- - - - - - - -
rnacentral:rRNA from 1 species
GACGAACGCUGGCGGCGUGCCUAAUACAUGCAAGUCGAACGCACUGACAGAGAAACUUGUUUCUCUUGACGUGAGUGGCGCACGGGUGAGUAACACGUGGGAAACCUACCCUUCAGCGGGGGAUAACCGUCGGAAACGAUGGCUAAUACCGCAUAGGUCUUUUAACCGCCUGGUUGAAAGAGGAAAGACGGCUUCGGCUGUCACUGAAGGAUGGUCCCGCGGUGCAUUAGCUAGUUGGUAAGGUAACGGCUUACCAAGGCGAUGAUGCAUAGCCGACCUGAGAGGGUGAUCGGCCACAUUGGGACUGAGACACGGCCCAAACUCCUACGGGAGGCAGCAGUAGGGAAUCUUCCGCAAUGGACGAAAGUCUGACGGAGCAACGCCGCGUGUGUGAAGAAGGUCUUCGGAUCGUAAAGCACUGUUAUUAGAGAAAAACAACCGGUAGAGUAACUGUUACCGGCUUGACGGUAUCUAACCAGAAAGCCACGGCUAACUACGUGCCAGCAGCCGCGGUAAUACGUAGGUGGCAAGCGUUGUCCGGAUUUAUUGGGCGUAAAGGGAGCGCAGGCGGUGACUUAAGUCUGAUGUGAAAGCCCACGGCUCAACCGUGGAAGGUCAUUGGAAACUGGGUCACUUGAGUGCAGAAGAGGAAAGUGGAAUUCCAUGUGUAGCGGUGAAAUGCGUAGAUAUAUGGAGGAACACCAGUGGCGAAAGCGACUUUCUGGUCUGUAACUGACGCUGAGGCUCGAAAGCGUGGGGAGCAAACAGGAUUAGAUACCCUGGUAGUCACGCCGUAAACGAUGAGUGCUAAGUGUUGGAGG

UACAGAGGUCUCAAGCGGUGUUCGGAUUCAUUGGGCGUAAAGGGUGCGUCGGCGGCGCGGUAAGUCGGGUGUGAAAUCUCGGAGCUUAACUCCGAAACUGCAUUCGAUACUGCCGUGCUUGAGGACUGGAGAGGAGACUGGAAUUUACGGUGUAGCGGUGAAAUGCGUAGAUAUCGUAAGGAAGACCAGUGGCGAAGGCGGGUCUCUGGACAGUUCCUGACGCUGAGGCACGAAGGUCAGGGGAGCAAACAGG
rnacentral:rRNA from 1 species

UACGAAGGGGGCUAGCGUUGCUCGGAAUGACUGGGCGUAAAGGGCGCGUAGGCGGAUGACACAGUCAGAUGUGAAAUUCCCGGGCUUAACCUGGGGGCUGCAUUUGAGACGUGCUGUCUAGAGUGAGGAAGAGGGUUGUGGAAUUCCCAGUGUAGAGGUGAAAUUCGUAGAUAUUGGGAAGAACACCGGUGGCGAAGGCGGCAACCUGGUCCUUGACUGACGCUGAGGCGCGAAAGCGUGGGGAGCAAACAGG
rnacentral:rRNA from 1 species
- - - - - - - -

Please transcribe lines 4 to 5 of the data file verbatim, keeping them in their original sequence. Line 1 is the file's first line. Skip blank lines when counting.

rnacentral:rRNA from 1 species

UACGAAGGGGGCUAGCGUUGCUCGGAAUGACUGGGCGUAAAGGGCGCGUAGGCGGAUGACACAGUCAGAUGUGAAAUUCCCGGGCUUAACCUGGGGGCUGCAUUUGAGACGUGCUGUCUAGAGUGAGGAAGAGGGUUGUGGAAUUCCCAGUGUAGAGGUGAAAUUCGUAGAUAUUGGGAAGAACACCGGUGGCGAAGGCGGCAACCUGGUCCUUGACUGACGCUGAGGCGCGAAAGCGUGGGGAGCAAACAGG